Also luding contains information on publishing houses (games published as well as address data) and designers (published games, links to a home page, alias, and a biography if available).
How do I find information or discussion about a game?If you are looking for information or discussion about the game Bohnanza, you can find it by entering Bohnanza in the "Find game" field at http://sunsite.informatik.rwth-aachen.de/luding, and pressing Return. The search function returns all games in which the word Bohnanza occurs. The result includes the publisher, year of publication, series as well as links to discussions about the game.
Instead of seraching from the Luding homepage, you can also select "english with frames" or "english without frames" on the homepage, and enter Bohnanza in the "Find game" field in the left menu, then press return. Third, you can click on "Find" in the same left menu, which takes you to a more advanced search.
It is possible to input a % for any sequence of characters, for example with "man%l" you will find the games "Mancala", and "Thinking Man's Golf", although not "Manhattan".
In order to limit the search you can select the button "Title begins with string" - which can also be combined with %. Only those games (designers, ...) beginning with the appropriate character sequence are found (naturally it makes no sense to select "Title begins with string" and then begin the search with % as the first character).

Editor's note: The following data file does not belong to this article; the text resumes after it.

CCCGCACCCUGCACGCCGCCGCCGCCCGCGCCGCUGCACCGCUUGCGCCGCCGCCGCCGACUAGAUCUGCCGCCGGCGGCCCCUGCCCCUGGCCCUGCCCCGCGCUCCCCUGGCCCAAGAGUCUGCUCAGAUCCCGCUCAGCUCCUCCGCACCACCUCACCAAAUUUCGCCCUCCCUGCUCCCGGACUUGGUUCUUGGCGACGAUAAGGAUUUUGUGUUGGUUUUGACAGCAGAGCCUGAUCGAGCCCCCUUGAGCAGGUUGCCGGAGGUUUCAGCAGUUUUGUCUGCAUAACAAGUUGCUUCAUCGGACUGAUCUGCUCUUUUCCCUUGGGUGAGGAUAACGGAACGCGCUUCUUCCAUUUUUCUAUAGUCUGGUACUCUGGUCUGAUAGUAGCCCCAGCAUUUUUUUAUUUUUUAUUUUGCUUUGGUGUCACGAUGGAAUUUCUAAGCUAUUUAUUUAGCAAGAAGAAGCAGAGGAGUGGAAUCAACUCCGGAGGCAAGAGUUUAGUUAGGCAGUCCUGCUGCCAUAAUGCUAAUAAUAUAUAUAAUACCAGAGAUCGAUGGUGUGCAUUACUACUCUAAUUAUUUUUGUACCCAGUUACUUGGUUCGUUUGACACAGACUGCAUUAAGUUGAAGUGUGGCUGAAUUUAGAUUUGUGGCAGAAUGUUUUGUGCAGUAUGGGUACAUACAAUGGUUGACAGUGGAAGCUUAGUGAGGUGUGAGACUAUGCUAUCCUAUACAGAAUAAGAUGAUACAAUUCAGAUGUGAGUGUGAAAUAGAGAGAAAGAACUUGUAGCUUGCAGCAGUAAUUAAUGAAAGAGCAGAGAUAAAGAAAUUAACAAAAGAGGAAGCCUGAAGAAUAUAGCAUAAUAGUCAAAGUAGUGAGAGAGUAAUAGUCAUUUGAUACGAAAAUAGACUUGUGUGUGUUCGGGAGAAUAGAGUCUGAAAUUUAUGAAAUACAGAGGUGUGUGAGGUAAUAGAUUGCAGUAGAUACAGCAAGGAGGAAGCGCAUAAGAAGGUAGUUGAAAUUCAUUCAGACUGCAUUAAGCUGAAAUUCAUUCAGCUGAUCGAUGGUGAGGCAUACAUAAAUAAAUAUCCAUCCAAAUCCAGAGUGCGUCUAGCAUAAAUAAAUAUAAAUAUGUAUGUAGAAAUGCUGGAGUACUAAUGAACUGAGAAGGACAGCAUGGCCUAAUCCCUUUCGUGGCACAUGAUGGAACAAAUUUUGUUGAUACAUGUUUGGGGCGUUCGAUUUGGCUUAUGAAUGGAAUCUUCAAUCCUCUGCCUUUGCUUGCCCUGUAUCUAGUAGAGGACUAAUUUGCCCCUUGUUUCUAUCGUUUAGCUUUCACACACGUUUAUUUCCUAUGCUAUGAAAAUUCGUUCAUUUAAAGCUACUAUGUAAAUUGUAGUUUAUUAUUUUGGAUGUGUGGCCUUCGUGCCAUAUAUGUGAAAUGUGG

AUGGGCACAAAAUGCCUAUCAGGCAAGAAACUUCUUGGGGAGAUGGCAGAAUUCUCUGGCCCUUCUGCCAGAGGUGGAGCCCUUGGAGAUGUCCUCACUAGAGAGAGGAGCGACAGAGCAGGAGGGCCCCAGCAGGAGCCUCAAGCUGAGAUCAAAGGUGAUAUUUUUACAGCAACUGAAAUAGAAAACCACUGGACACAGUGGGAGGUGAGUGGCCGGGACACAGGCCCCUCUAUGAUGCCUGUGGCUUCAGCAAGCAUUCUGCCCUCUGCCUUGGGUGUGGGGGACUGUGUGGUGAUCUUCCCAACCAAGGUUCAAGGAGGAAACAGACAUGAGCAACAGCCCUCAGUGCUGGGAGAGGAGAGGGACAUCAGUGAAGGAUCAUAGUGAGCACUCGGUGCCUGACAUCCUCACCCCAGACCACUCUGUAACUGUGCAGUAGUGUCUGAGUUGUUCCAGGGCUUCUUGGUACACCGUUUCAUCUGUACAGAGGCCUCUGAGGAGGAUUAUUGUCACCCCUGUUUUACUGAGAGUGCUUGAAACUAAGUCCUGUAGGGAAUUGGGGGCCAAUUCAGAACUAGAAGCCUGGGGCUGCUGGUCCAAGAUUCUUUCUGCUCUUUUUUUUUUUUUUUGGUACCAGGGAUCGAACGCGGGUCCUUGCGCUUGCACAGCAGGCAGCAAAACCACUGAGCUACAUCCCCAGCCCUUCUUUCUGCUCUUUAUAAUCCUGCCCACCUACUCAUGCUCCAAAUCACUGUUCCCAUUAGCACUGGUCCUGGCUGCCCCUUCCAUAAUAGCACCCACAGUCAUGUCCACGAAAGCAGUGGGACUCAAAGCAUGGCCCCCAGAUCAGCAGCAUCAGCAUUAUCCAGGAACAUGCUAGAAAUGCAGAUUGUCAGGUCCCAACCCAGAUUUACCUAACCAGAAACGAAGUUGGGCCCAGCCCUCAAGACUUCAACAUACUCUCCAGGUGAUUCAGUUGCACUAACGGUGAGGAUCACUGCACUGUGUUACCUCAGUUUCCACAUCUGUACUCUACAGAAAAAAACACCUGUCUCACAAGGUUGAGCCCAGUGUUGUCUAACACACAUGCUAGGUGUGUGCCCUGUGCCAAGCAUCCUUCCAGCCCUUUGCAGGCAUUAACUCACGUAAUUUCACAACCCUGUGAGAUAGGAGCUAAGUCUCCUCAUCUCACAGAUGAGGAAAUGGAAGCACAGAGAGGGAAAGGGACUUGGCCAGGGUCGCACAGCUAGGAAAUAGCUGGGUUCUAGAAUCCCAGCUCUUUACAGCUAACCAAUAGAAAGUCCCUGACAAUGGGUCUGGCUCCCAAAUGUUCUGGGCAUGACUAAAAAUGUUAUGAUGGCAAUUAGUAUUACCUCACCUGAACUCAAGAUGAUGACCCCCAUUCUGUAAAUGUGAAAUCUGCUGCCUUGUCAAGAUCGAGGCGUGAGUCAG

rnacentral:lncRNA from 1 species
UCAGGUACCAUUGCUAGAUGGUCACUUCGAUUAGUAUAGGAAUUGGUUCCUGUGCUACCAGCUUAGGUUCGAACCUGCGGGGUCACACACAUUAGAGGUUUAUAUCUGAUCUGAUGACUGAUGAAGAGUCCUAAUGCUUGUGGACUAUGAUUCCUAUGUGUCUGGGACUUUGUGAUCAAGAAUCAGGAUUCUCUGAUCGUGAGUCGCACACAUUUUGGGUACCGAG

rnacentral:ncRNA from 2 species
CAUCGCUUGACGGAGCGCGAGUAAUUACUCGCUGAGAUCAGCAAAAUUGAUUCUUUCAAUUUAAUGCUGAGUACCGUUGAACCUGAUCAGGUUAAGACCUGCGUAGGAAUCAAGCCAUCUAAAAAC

The newest possibility is the so-called "Fuzzy search". With fuzzy search special characters (like foreign characters or letters with accent marks) are found. For example, when this button is selected "argern" will find "Igel Ärgern". This function can be combined with % und "Title begins with string".
On the search page, which you can reach by clicking in "Search" in the left menu, there is a button for "Fuzzy search". When this is selected the name of the game, the designer, the publisher are found as in the previously described fuzzy searches.
I am missing the rules to a game - where can I find them?The first possibility, particularly for games that are still available: write to the publisher. If the publisher no longer exists or the game is no longer available then a post to the newsgroup rec.games.board might be helpful. Other sources for rules in English include http://www.sacredchao.cc/, http://www.boardgamegeek.com and (for older games in particular) http://www.gamecabinet.com/. Also, take a look at the Austrian site http://www.spielen.at. They have an email rules service, and their game collection contains about 12,000 games! You can contact them at email@example.com.